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How Social Customer Service Can Prevent Another Comcast Call Heard Round the World
Posted on July 20th 2014
Co-Authored with Shay Moser
If you haven’t heard the Comcast customer service call heard round the world, perhaps you’ve been watching too much cable TV. Hit pause and listen to AOL executive Ryan Block’s post of an eight-minute segment of his phone call with a customer retention specialist who tried to stop him from canceling his cable service.
While no one has ever said calling your cable service provider is fun, this service call is exasperating. The rep insisted to know why Block and his wife, Veronica Belmont, who conversed in the first unrecorded 10 minutes, wanted to cancel their service before he’d fulfill their request. When Belmont was fed up with the rep’s uncompromising, aggressive, and inappropriate behavior, she handed the call off to her husband, who recorded the rest.
An anonymous source interviewed by Business Insider, and who claims to have worked at Comcast for more than two years in the company's retention department, says the support call follows the typical Comcast strategy: misleading tactics, and reps incentivized to aggravate customers until they give up and either stick with service, pay their bill, or hang up.
Take a look at the 2014 State of Multichannel Customer Service Survey to see how this kind of strategy actually loses customers in the end. The study found 65 percent of the 1,000 U.S. respondents cut ties with a brand over poor customer service. And this includes impolite customer service representatives (37 percent) like the Comcast rep.
Although old customer service channels like the phone are not going away, the survey also shows new channels like social are creating both greater and faster service expectations across the board. Not only that, but the now former Comcast customer Block, who is also a former tech journalist with quite a Twitter following, was able to share his bad customer service experience across his social channel (and continues to do so).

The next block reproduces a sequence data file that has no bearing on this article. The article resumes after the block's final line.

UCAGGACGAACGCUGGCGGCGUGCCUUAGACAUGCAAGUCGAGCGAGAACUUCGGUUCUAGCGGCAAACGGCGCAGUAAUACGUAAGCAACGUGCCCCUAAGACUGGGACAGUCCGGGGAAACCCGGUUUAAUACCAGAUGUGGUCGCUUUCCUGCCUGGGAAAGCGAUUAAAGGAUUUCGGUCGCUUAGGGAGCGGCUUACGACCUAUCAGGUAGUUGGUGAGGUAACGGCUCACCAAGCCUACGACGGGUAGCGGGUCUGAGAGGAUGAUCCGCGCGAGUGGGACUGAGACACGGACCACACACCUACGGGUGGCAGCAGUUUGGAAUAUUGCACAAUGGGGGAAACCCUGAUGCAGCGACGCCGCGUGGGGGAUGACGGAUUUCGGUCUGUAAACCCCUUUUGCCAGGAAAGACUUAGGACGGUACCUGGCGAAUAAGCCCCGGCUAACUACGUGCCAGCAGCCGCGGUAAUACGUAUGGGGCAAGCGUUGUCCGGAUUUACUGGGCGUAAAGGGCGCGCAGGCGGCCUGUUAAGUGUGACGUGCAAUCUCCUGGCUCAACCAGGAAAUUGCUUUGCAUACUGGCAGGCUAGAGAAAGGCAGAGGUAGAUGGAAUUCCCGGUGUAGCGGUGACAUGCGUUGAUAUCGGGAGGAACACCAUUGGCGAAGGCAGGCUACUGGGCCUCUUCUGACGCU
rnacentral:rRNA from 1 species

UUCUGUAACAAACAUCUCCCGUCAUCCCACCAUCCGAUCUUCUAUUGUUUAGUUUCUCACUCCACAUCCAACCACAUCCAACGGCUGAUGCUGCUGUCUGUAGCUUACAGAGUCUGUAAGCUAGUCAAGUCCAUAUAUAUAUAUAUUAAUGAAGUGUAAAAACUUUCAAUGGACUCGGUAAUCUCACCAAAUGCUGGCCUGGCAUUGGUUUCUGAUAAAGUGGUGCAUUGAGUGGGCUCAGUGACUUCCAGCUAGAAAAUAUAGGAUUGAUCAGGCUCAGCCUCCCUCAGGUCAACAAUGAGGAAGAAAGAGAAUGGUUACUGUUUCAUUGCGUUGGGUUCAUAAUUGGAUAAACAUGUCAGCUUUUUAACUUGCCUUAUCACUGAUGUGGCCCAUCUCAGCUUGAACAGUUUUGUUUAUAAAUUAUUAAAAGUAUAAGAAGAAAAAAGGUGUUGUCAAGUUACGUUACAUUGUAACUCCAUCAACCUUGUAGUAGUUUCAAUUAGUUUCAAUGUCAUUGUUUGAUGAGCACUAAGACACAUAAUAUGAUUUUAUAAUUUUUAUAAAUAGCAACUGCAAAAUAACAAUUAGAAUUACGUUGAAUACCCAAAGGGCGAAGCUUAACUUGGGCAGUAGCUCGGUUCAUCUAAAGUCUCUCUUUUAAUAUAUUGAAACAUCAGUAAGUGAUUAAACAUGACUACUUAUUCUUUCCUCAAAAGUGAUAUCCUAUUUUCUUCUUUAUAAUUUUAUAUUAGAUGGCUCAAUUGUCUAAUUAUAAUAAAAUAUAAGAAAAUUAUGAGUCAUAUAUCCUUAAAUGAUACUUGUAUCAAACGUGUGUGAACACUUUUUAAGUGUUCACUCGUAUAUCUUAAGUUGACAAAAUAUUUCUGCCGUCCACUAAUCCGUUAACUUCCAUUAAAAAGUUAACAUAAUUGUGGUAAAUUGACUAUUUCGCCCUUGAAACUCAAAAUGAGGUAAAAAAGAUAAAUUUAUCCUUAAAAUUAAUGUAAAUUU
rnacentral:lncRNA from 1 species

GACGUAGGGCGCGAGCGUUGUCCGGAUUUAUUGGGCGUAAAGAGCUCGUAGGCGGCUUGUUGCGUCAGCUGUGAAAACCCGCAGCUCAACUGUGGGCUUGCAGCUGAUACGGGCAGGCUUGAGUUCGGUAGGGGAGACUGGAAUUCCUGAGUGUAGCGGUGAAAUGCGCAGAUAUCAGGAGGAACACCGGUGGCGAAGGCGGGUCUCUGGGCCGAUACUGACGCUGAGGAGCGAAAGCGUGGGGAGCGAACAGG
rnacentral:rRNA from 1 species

Too bad ComcastCares, the company’s Twitter-based initiative started by Frank Eliason in 2008, was never really baked into the cable service’s general support strategy. As one of his admirers put it: “All ComcastCares showed us is that Frank Cares.”
If Comcast did have a social customer service strategy in place, the exhausting Block conversation gone viral could have been avoided. Social Media Today’s fourth edition of The Social Customer Engagement Index 2014: Results, Analysis, and Perspectives proves it. “We are now in the midst of an era of digital business transformation that…has expanded the possibilities for interacting successfully with customers in places and ways that haven’t been available in the past,” according to the index’s foreword by Paul Greenberg, author of the best-selling book, “CRM at the Speed of Light,” and one of the world’s leading authorities on CRM.
Brent Leary, CRM-industry analyst, advisor, author, speaker, and award-winning blogger, analyzed the index. It shows as companies gain experience and further integrate social service strategies with their overall customer engagement strategies, they are seeing a more positive impact from their efforts. What immediately stands out, too, is how much more likely fully integrated companies (i.e., have socially integrated teams, processes, and strategy) are to experience very positive impact of their social initiatives on their service goals and objectives.